All of our vehicles are equipped with a computerized engine management system (ECM) and the check engine light is a part of this system. The ECM alerts us to possible problems inside the engine or inside the transmission that have an impact on the emissions system. Check engine lights may be a graphic of an engine or a similar icon. It can also be words, “check engine” or “service engine”. Some vehicles use a yellow check engine light as a caution light that tells you to have your vehicle checked soon and a red check engine light that means your vehicle needs immediate attention. Every car’s display is different, so it’s a good idea to make yourself familiar with how your particular make and model of vehicle works. The check engine light is usually amber or red in color and has two stages, a steady light or a flashing light. A steady check engine light signals minor problems, while a flashing check engine light usually means there is a serious problem in the ECM.
The cause of why your check engine light is on depends on your particular issue, but here are some general malfunctions that cause the check engine light to come on.
- A misfire in your engine. A misfire can cause catalytic converter damage if it’s not resolved quickly. The catalytic convertor works to reduce exhaust gases. It converts carbon monoxide and other harmful materials into harmless compounds. Replacing a catalytic converter can be costly, so have the engine checked as soon as possible by a certified mechanic.
- A failure in the emission control system. The emission control system contains many active sensors that work to reduce the amount of pollution released into the air. One of those sensors is an oxygen sensor that reads the air and fuel mixture. If that mixture is out of the acceptable range or if you have a faulty sensor, it won’t provide the correct data to the computer and the check engine light will go on.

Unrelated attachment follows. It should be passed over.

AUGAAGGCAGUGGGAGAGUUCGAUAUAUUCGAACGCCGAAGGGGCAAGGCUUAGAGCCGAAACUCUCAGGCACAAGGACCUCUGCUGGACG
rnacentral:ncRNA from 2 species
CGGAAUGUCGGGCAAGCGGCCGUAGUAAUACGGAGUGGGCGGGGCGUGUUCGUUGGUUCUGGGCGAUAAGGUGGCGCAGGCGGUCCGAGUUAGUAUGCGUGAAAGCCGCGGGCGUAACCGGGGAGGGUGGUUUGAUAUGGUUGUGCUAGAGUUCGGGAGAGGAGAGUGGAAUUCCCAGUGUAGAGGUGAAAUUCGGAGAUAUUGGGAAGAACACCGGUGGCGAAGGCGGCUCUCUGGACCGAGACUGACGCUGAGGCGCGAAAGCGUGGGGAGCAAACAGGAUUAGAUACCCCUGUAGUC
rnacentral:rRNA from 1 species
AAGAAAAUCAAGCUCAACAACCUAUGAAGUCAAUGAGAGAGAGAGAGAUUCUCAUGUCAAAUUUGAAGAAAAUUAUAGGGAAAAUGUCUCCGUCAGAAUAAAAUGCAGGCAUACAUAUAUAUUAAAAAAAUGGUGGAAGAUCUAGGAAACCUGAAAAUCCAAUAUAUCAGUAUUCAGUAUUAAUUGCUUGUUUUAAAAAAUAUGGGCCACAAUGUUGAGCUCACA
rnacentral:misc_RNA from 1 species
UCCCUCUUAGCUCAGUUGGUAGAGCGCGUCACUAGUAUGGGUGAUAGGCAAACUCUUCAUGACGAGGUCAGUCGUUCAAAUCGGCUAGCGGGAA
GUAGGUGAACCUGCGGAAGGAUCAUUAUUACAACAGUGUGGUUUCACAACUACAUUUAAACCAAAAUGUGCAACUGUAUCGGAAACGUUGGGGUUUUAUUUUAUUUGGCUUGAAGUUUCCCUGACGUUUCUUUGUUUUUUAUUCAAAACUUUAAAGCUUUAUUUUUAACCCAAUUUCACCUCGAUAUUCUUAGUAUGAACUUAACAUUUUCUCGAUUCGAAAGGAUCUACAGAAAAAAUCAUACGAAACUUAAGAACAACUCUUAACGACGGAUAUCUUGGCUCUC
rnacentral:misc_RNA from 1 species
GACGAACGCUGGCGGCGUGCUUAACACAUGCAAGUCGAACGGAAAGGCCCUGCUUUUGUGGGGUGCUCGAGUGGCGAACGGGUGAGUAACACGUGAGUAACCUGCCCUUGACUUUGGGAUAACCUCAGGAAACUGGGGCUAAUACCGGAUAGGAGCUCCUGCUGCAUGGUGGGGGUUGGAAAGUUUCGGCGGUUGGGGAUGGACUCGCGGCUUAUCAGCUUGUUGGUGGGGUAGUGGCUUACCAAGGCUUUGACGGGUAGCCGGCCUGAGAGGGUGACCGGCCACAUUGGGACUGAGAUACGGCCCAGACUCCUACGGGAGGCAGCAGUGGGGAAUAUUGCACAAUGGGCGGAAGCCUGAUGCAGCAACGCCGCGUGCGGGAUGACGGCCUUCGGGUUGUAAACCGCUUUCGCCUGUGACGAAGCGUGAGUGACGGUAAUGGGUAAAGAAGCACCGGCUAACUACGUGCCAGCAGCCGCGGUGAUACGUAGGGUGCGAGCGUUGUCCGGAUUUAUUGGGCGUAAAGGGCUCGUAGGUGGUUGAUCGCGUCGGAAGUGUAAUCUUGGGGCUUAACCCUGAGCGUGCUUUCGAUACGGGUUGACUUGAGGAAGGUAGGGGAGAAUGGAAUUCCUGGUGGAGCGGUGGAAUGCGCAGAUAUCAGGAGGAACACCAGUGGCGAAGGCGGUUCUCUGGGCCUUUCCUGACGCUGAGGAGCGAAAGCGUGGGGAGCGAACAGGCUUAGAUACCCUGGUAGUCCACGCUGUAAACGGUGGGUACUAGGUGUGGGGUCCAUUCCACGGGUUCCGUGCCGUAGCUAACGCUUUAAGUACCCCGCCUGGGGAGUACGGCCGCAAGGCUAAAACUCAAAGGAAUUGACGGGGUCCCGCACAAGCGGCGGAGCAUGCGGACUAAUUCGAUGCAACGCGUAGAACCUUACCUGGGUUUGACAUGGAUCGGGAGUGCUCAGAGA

- Brittle, cracked or worn spark plugs. Worn spark plug wires can lead to an electric misfire inside the engine. If the wires are worn out, they should be changed as soon as possible.
- A loose gas cap. When it’s loose or cracked, fuel vapors leak out and can throw off the whole fuel system. Sometimes when the cap is put on incorrectly the check engine light will come on. If the light stays on for more than a day or two, have your mechanic run an on-board diagnostic to see if there is a code in the system indicating a more serious problem.
Check engine lights help you and your mechanic to keep your car running smoothly. So the next time your check engine light goes on, don’t ignore it. Come in and see us or call (303) 691-2760 and let us help.